Watch CBS News

Calvin Klein's "Rape" Ad Isn't Unique: How Treating Women Badly Sells Clothes

The decision by an Australian advertising watchdog to order the removal of a Calvin Klein campaign because it appears to depict a woman in a cage being raped by three men (below) says a lot about advertising in the fashion world: Rape fantasies -- and other themes of non-consensual sex -- come up a lot in advertising for clothes, particularly in campaigns by Calvin Klein and Dolce & Gabbanna.

The Australian CK campaign seems derivative of the infamous Dolce & Gabbanna "gang rape" ad from 2007:

D&G defended that ad by saying it was supposed to depict an erotic dream or a sexual game. Herein lies the problem: Your darker fantasies are one thing. We all have them. But attaching them to your brand equity is usually a distasteful mistake. Except, it seems, in the fashion business. D&G has made this "mistake" repeatedly. Here's the gay version from the same 2007 campaign:

Here's the surreal Napoleonic version, part of a series of three which all featured soldiers, some carrying firearms, surrounding a naked woman:

Here's the role-reversal dominatrix version:

And -- because there's nowhere D&G won't go -- here is the ob-gyn-in-outer-space nightmare version:

Ninety-nine percent of brand managers would reject these images automatically. Pepsi rejected this speculative ad, for instance, which showed a boy swapping his Pepsi for a chance to give CPR to an unconscious woman on a beach:

But CK and D&G remain huge brands despite producing a startling number of rape-y ads. CK produced this "orgy" ad for its 2009 jeans campaign:

(I'm not an expert in orgies, but my impression is that they're supposed to involve more than one woman, so there's something more dangerous going on here than a mere "orgy.") The message these brands are sending is, "sexy and threatening," which is a great positioning given that their target is teenagers, and it also explains why the companies' sales are unaffected by these controversies.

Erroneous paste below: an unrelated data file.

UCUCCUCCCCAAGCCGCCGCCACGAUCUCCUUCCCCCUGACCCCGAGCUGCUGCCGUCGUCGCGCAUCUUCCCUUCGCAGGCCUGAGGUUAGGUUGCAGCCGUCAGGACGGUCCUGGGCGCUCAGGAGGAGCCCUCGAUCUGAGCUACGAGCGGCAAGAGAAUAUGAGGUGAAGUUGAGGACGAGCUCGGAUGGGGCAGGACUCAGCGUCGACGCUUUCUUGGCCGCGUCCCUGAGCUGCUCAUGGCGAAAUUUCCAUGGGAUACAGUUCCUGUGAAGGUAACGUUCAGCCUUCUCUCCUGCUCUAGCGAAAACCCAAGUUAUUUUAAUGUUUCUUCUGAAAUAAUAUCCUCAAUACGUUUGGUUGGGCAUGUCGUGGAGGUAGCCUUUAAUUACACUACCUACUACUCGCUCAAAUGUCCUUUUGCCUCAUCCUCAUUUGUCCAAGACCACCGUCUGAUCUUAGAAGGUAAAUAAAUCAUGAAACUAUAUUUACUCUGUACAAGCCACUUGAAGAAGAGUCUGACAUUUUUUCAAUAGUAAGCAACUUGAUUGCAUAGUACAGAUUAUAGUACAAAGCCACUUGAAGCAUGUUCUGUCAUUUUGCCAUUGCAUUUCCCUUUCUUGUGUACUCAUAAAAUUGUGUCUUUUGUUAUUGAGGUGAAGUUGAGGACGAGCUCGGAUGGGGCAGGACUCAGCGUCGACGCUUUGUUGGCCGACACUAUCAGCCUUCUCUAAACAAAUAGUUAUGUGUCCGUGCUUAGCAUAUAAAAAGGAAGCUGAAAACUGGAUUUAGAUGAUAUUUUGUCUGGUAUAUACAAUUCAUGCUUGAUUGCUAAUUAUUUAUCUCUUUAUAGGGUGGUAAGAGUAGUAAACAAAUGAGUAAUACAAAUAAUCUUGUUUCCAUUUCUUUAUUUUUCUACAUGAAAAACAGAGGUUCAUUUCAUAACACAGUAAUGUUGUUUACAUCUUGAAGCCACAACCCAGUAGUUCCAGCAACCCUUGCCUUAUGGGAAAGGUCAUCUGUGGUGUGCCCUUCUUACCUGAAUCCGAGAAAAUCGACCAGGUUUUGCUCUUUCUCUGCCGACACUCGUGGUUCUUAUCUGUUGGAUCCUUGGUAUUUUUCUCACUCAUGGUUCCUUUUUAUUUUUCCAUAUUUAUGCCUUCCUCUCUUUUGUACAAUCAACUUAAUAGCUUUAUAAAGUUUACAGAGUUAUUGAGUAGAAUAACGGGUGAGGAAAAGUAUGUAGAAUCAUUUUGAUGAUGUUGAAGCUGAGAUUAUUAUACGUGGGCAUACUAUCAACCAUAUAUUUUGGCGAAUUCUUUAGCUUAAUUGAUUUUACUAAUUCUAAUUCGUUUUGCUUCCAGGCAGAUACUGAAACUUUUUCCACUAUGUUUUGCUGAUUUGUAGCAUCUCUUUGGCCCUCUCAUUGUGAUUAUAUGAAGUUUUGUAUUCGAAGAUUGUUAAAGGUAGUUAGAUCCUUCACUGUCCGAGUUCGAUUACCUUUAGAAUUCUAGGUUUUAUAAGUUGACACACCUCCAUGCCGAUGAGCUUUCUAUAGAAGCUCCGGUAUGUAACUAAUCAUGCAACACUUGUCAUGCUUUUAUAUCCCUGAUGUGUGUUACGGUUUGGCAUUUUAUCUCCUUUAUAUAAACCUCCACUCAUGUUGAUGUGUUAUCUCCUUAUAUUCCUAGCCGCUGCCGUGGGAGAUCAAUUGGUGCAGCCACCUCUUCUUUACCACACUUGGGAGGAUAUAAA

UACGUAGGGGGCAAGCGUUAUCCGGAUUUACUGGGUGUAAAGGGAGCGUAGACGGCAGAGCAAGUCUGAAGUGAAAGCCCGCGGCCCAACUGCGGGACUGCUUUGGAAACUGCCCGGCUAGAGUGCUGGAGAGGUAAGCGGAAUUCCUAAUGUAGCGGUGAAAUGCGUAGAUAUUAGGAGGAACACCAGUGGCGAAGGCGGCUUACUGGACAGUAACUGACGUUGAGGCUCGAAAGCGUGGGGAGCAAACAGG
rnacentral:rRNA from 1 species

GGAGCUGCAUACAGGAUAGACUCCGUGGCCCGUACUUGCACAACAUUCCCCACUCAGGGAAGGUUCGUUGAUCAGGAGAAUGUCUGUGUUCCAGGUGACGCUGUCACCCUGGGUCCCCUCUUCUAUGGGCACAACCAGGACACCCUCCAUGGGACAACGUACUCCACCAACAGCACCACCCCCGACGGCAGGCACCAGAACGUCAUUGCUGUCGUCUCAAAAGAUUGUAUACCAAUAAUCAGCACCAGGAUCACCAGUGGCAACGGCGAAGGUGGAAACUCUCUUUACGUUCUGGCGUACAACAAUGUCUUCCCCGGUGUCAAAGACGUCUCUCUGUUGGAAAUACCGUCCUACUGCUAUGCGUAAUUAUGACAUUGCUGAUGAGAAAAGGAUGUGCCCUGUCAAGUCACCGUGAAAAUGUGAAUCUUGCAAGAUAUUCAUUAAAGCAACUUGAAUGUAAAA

But sales success doesn't justify everything. It's not that CK and D&G -- along with other labels, but less frequently -- have produced a couple of misogynist campaigns. It's that the labels repeatedly reference sexual assault in their advertising. In 1995, CK had to pull a campaign that used 15-year-old models shot against a basement wall in the style of kiddie porn. Of course, 15-year-olds can't consent to sexual activity with adults as a matter of law. So there was a real legal question as to whether this was an ironic reference to child pornography or the real thing.

A decade earlier, CK used the 15-year-old Brooke Shields, splay-legged in front of the camera, to announce that "nothing" comes between her and her Calvins.

It's almost as if the two fashion houses are egging each other on to see how far they can go. They're not alone of course. That "sexy and threatening" meme has been used by suitmaker Duncan Quinn:

The Italian label Relish was condemned for a billboard campaign showing police officers in Rio assaulting two models:

And, in the 1960s, pants maker Broomsticks produced this shocker:

Each ad on its own can be written off as mere fantasy, with the sinister undertones in your head and not in the image. American Apparel (APP) made that argument recently when one of its ads in the U.K. was banned because it appeared to show a partially unclothed, under-age female

When you use the term "child porn" to describe every provocative ad featuring models that aren't plastic-titted Jenna Jameson lookalikes or waxed steroid muscle boys, when you use the term to describe adults photographed in natural settings with natural light, when you use the term for anything other then the real thing, all you do is muddy the waters. An underwear ad with an adult model is not child porn, even if it makes you feel a little lecherous. Get over it, ...
That explanation would be fine, if we were only talking about one or two ads. But given the industry's obsession with non-consensual sex, and how badly women in fashion advertising are repeatedly treated, it's pretty clear that it's the marketing managers who are the lechers, not their consumers. The trouble is that unless consumers stop buying these labels -- which will never happen -- the managers will conclude that rape in advertising works.


View CBS News In
CBS News App Open
Chrome Safari Continue
Be the first to know
Get browser notifications for breaking news, live events, and exclusive reporting.